But an even more dreadful aspect of corruption in Indian democracy is that no candidate can win election without spending money in crores of rupees. There may be one among a thousand candidates whom people will elect out of their own choice for his good work (and I have been fortunate enough to have seen such politicians in past). The rest have to buy their seat through expenditure. Once elected the first priority is to recover all the “Investment”. Thus it has all become a game of investing more money to gain power and using more power to collect more money. To quote Amar Singh, it is a “high risk high gain business”. And in this business country or society have no relevance, the only relevant aspect is how to make more and more and more money, how to get highest returns on the investment by using the tool of power. The returns cannot be earned alone – the babus are also to be given a share. Many babus are more than willing to become accommodating partners. This is why whenever occasionally people express themselves; their anger includes entire bureaucracy along with the politicians. This was clearly seen even after the 26/11 attack.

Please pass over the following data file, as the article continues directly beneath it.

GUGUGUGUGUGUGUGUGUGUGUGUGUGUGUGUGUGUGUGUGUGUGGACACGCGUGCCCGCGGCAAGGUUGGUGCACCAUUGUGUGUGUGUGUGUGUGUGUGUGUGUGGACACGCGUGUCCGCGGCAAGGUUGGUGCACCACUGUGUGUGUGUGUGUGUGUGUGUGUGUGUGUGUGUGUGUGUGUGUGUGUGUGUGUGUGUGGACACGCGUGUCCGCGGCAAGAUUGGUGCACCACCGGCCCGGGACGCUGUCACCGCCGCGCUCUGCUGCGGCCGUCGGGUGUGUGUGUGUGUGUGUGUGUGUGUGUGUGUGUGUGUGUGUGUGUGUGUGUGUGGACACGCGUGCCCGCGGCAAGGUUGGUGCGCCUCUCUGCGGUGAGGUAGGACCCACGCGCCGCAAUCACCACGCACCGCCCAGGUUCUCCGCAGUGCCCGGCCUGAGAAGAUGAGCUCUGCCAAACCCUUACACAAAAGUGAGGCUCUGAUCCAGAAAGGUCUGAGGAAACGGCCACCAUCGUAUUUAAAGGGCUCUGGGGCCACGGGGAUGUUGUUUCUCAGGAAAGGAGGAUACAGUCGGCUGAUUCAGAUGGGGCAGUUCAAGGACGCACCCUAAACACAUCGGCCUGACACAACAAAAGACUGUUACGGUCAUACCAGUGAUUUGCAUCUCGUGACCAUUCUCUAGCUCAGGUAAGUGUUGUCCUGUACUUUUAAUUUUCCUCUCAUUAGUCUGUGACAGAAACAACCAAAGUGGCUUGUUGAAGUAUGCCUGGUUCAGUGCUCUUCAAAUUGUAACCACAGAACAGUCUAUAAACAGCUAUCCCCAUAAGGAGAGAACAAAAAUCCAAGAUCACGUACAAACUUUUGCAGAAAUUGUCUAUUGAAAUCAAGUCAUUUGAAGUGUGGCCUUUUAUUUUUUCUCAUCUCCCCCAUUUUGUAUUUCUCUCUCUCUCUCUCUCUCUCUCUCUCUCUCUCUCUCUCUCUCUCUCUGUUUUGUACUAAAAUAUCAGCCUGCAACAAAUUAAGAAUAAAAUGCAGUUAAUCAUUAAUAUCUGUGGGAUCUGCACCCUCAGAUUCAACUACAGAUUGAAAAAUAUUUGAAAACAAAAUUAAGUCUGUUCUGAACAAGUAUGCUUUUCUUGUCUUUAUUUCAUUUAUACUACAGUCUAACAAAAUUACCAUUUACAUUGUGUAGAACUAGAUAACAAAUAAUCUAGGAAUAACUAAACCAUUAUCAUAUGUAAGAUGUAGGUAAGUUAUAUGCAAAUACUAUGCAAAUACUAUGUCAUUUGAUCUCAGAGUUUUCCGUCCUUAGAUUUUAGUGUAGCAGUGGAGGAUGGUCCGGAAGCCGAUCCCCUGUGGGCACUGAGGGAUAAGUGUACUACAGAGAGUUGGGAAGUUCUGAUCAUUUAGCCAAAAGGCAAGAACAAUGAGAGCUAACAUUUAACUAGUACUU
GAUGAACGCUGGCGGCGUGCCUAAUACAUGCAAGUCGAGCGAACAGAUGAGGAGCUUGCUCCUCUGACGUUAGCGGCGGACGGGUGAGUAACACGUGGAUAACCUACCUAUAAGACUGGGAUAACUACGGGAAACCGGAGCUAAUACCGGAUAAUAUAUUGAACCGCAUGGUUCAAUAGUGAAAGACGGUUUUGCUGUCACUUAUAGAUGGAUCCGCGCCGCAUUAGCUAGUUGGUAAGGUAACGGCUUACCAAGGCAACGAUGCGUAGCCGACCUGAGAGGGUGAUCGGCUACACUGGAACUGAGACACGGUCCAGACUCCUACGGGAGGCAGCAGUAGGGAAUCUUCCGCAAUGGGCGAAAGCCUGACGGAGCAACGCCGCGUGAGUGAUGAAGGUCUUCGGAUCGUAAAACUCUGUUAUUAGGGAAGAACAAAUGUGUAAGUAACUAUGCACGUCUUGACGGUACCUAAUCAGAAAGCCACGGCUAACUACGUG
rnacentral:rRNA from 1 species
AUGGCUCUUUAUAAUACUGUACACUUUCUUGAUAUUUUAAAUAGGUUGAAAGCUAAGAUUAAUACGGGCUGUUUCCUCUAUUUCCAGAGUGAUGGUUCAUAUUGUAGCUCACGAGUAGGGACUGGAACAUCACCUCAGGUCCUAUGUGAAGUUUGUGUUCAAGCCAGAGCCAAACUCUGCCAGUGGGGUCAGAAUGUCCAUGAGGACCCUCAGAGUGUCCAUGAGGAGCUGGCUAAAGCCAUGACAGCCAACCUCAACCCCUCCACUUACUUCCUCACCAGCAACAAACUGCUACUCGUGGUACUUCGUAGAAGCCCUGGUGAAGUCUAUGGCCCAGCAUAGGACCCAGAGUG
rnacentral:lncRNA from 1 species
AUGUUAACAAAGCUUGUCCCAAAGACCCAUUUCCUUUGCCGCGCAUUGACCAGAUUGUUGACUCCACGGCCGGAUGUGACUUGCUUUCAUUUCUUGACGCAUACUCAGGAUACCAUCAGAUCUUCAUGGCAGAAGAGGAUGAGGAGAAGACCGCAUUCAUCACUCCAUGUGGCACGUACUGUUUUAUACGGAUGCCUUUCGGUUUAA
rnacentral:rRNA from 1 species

Though Mr. Sheshan and other Election Commissioners before and after him have tried their best to improve the system of election, they are far from controlling the increasing role of money in the elections. If we are really concerned about corruption and the threat that it poses to the national security then we need much more transparency regarding the financial games of the candidates. Public should be allowed to inspect last fifteen Income Returns of the candidates, mere declaration of assets is insufficient. Income from Agriculture may remain tax free but its details must be included in the Income Tax returns. The party funds should also be a matter of public scrutiny and taxation. These and some more measures are necessary. Is it our priority?